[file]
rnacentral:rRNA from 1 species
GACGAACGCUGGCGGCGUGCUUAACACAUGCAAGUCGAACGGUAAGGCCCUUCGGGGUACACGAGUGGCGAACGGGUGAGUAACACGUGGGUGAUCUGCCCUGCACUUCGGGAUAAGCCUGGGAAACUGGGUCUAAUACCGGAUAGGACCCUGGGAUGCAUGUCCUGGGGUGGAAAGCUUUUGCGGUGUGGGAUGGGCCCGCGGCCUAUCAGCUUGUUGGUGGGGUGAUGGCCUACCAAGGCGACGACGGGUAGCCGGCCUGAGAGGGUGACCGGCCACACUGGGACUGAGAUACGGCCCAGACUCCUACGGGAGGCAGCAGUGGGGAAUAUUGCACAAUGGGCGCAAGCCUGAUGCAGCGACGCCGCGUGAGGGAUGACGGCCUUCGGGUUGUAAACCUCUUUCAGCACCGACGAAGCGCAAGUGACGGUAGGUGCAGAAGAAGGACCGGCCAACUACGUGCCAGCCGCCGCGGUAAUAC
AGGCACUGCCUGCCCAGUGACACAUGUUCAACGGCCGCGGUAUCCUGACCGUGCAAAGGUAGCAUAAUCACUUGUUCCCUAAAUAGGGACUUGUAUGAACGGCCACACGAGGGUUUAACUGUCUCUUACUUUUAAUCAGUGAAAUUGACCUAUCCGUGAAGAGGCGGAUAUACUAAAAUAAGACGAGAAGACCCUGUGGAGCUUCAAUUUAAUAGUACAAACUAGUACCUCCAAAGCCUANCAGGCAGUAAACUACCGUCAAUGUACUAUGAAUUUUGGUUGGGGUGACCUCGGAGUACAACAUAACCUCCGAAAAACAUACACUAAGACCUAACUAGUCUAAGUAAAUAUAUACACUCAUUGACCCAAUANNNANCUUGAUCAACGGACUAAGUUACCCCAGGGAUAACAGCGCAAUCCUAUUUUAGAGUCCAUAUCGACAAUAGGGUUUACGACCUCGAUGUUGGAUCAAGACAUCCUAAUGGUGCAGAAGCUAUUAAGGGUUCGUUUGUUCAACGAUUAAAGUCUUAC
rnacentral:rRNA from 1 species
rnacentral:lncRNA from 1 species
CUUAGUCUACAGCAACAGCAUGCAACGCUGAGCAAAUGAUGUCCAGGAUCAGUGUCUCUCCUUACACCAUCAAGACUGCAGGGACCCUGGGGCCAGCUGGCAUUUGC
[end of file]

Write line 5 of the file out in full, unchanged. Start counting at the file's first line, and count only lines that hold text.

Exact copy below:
rnacentral:lncRNA from 1 species